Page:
In India, what is alarming is that 90% of glaucoma in our community is undetected compared to 50% in developed countries, mostly because of lack of awareness. More than 50% of glaucoma patients have advanced disease and close to 20% are blind due to glaucoma at the time of diagnosis. Low vision and blindness can have devastating consequences for individuals with undiagnosed glaucoma as it leads to loss of independence and reduces quality of life. The inclusion of glaucoma screening in AB PMJAY is a welcome move, which makes screening affordable to the vulnerable population.

Diabetic retinopathy is quite similar to glaucoma in being asymptomatic in the initial phase and having the potential to cause irreversible blindness. Diabetic retinopathy is the leading cause of visual disability and blindness in diabetics. Among the approximately 70 million diabetics in India, the estimated prevalence of diabetic retinopathy ranges from 12 to 20 million, of which approximately 2.5 million have visual impairment. The number of people with diabetes mellitus in India is expected to increase to 80 million, and patients with diabetic retinopathy would increase to 22 million by 2030. The potential economic and social burden of diabetes mellitus and diabetic retinopathy demands an effective screening strategy, timely case detection, and effective treatment.

AB PMJAY has included DR screening by both ophthalmologist and general physicians for eligible reimbursement. The inclusion of general physician in the package is a key decision and provides an opportunity to screen a majority of diabetic patients at the first point of contact. It is well known that many patients do not reach the ophthalmologist for retinal screening even though they are aware of potential visual impairment due to diabetes. Physicians are now in a position to take up screening at a large scale, and many patients can be saved from the late-stage complications of diabetic retinopathy. One of the key components of screening patients is the use of retinal cameras. Non-mydriatic (which does not require pupil dilation) retinal cameras can take optimal pictures of the retina in a single image. The devices are extremely rugged and can be moved from any place and can work on any dusty environment even for small pupil sizes. The devices can be integrated to a comprehensive digital health platform which can connect to an ophthalmologist or any electronic medical record, if required. The inclusion of DR screening would hopefully increase screening and generate the economy of scale needed to reduce the cost of such cameras.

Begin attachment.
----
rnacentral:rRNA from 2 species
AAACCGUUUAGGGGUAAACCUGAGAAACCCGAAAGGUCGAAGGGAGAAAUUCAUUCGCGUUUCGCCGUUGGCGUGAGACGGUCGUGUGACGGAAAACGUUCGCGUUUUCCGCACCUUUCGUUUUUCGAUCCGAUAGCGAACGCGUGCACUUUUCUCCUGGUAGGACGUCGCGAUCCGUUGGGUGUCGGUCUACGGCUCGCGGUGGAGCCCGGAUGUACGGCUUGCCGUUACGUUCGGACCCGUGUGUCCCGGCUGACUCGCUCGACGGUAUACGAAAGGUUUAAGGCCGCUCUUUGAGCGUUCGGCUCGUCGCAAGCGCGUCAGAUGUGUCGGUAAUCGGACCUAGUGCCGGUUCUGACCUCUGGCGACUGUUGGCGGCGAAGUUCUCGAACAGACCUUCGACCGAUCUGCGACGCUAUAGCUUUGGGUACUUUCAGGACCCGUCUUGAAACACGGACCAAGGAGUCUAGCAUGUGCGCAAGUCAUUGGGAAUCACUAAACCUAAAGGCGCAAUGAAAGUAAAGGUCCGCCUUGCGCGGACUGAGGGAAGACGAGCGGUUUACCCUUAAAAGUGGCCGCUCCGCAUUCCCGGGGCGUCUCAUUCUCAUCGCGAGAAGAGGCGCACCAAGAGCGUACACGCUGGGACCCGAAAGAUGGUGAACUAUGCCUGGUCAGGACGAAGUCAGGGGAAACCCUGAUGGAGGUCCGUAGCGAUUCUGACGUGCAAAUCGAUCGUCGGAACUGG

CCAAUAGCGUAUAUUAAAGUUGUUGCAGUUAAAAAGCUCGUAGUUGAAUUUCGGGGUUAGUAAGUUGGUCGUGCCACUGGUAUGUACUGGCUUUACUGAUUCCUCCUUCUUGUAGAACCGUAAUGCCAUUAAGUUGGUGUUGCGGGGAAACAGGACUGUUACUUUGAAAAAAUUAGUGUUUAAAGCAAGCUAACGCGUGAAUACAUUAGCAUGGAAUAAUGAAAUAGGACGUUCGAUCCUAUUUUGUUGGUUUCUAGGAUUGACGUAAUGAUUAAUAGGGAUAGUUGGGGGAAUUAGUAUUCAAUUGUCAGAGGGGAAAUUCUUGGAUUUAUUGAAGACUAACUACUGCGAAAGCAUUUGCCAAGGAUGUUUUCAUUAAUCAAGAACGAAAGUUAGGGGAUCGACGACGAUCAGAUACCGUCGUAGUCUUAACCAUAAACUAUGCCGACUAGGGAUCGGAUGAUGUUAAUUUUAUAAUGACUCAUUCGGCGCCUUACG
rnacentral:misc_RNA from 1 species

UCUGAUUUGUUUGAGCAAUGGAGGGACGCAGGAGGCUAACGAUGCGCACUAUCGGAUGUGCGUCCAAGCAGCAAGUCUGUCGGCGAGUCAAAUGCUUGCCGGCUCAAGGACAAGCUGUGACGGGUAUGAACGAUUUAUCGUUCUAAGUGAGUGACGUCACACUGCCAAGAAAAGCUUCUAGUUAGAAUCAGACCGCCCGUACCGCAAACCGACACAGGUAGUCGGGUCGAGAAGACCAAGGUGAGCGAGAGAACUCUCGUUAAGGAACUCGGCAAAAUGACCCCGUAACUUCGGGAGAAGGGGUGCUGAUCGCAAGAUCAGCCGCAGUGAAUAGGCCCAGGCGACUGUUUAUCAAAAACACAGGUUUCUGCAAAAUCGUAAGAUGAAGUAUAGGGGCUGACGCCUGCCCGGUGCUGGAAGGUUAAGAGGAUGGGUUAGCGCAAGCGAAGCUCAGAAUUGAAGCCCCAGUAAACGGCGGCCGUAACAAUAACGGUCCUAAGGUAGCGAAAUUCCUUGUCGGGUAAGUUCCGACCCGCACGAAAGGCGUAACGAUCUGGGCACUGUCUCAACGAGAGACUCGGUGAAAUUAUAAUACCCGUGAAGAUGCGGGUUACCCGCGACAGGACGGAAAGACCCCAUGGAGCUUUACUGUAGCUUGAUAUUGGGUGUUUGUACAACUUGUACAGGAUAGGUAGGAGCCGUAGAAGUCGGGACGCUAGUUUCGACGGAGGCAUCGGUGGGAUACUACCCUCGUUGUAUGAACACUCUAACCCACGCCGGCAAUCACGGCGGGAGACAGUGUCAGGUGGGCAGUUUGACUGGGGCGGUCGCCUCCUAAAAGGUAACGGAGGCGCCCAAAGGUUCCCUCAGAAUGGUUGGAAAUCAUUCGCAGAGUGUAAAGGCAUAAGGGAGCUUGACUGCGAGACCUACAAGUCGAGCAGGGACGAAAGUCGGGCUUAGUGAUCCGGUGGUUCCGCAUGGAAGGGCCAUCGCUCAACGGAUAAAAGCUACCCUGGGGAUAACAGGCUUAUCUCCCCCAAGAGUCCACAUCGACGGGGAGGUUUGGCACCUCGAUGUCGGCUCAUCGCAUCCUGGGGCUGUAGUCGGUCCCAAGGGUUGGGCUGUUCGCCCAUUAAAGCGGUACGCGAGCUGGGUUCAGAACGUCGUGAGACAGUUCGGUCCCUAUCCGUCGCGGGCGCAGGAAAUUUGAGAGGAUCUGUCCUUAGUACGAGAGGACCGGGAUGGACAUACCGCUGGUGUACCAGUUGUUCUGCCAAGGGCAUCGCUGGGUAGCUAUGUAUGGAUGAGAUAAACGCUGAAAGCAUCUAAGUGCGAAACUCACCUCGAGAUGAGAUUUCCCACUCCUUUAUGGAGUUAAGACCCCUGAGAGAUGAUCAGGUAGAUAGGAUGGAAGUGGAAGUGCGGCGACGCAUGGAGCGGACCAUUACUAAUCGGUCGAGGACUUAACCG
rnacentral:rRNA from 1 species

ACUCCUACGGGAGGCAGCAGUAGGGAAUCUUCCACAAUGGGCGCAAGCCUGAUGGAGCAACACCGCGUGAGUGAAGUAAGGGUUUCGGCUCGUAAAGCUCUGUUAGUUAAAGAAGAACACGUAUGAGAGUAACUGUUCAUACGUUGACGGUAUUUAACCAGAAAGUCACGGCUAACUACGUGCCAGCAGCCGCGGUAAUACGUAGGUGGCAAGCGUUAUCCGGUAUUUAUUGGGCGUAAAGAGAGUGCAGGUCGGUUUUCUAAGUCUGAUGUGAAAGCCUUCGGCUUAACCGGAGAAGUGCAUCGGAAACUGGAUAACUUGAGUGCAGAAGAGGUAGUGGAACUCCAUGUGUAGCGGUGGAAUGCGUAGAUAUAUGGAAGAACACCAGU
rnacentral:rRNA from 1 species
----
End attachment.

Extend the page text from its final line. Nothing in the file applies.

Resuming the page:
In conclusion, the addition of reimbursement of diabetic retinopathy and glaucoma screening is a major step in the right direction, providing relief to both patients and providers. This would hopefully prove to be an inflection point in the prevalence of blindness due to the two important “silent thieves of sight.”

*The views expressed by Dr. Chandrashekar are personal and do not reflect the stand of the affiliated organization.

Fulltext Views

PDF downloads
View/Download PDF
Download Citations
Show Sections